At that time it looked historical that since the establishment Cosoma the K2, 523, 459.16 that Mbenjere got was the biggest money it has dished out to a single musician.
And at the same event, Lucious Banda carted home K1, 094, 579.10, Thomas Chibade K712, 742.48. Joseph Nkasa who in 2003 got a million got K597, 942.27 this time round.
Now this is the fourth year and no word from the body on royalty disbursement is coming out.
There is a totally opaque wall enclosing activities of this body which supposed to serve the artists and docile that Malawians are, even our artists are not asking the right questions to Cosoma regarding what is due to them.
Then my argument about Mutharika over the privatisation of Cosoma was bordering on the fact that it would be against what the 1989 Copyright Act underscores.
The explanation from Cosoma then was that the hubbub all started because government was trying to protect its Malawi Broadcasting Corporation after it accumulated over K8 million in royalties for musicians and was failing to honour.

But when the figure even reached well above K50 million at one time MBC issued a cheque of a staggering K45 million which the body is yet what happened to it, or I missed the explanation.
I once argued that if institutions like MBC cannot pay musicians through ‘a fellow’ parastatal – Cosoma, would MBC then expected to pay a privately run COSOMA.
I think I was wrong. In Malawi there is always a laissez faire approach to what are our responsibilities. Because at Cosoma what I see lacking is business discipline and as an economist Bingu saw this malaise that’s why he wanted it privatised.
You know what, MBC even pays royalties for ‘Nyimbo za m’maboma’ and our Cosoma has never made an effort to trace who did the traditional music and give them something. They take all the money for what they call ‘administration’. But if you check the Copyright Act, is this, what is supposed to be done. Perhaps I am lazy and I don’t look with both eyes on these issues. Then seriously, help me.
Looking at the raw deal Cosoma has given the artists 21 years after it was formed; I think it has to go into the private hands seriously.

Breaking the International jinx

Lucius Banda says he wants to break the international jinx by start selling his music to the international market, in earnest.
I don’t know where he is getting the courage to think that this time round it will work, considering that he made his first album in South Africa and even went back and forth to record one or single tracks in subsequent albums. This is also not the first time he has said this nor will it be the last time.
Recently, one of the known music producers in the country Percy Manyozo, who owns Pro-Pee Studios in Blantyre, while admitting that as music makers they are culpable for poor quality production, said musicians themselves share the blame.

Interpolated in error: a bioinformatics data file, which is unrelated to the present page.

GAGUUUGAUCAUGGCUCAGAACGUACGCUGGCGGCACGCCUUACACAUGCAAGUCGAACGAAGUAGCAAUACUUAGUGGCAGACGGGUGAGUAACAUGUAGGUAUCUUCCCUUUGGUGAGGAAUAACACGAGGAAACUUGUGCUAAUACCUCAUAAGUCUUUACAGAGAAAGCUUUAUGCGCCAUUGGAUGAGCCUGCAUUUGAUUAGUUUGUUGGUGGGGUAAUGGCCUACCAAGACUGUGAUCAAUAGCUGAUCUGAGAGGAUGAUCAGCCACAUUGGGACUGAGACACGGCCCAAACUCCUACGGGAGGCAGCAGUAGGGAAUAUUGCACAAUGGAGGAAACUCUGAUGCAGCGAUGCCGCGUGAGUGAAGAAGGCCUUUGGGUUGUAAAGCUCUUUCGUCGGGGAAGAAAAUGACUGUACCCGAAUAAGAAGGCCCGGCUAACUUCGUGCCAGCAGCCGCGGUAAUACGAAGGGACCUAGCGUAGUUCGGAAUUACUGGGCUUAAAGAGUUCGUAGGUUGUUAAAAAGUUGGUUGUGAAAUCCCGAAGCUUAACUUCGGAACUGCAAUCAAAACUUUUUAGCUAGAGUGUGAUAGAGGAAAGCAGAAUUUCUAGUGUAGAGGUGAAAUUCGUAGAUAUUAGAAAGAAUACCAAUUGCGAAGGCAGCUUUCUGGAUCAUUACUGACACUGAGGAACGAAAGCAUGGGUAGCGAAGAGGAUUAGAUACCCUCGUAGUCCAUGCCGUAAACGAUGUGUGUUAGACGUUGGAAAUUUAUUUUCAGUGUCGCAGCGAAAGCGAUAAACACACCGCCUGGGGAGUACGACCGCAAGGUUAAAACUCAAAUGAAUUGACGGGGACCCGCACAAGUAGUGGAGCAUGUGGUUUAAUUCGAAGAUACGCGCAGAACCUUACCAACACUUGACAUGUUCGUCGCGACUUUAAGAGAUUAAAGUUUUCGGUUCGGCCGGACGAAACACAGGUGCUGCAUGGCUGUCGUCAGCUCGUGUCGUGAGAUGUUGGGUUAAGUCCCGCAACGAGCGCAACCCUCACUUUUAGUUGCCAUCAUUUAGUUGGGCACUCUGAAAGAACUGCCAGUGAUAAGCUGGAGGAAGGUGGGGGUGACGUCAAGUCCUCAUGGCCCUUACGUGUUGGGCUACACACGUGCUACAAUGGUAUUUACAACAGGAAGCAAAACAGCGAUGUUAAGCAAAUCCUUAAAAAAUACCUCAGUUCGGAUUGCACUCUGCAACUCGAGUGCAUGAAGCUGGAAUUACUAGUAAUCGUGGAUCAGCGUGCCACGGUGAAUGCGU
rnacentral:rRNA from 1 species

Manyozo thinks there might be two ways to explain the poor quality music on the market.
One, the musicians might just not fit to be called musicians but resources and not talent allow them to utilise musical studios. The worst case scenario which is two is when the producers leave such a person to do the work on their own without giving them directions.
You might despise the young Manyozo but seriously take what he is saying with some respect, considering that he has produced artists like Maskal in his debut album Nthawi as well as Young Kay, Piksy, Armstrong, Dan Lufani, Code, Sam Simakweli, Third Eye, Lomwe, Tigris, Cyclone, Kumbu, Blasto and Black Missionaries.
This is not anything new in what he is saying; only that it is something that is coming latest on the scene.
I think Lucius seems to have been tired once more to always roll with the punches in as far as poor quality output is concerned and he decided to descend south again.
Lucius has at one time tried to make me walk a mile in his shoes when he invited me to Nyimbo Studios some two years ago to have a feel of what is involved when recording.
Now he has not only gone to South Africa to record but he has also collaborated with the South African outfit that used to back the fallen Lucky Dube, The Slaves. He is to record six songs at the studio that used to produce Dube. You cannot dispute such ambition if you consider the quality of Dube’s music.
I am not sure if a few times that he was in South Africa in the past exploits he ever tried to market his music on the international market. But this time round he says he intends – put it in his words – ‘spread through the world’ the music he is currently producing.
The local market has been tried and tested and I guess it has been found wanting. The Malawi musician, who is able, has decided to stick to the road, travelling from Nsanje to Chitipa from January to December just to become somebody.
It has, however, proven to be tricky when it comes to producing music and finding a buyer. If the musician will have such a buyer flocking to get his music then it is not through the selling points but the rundown rickety-computer infested, grunginess looking spots spread all over urban locations, with signs ‘Timabena music’ or ‘We burn music’.
This is where the artists are losing out and this is where the Musicians Association of Malawi has to come in. In the days ago I used to think that MAM cannot bring any beneficial returns to the musician because it was being led by people who either knew little or knew nothing about music.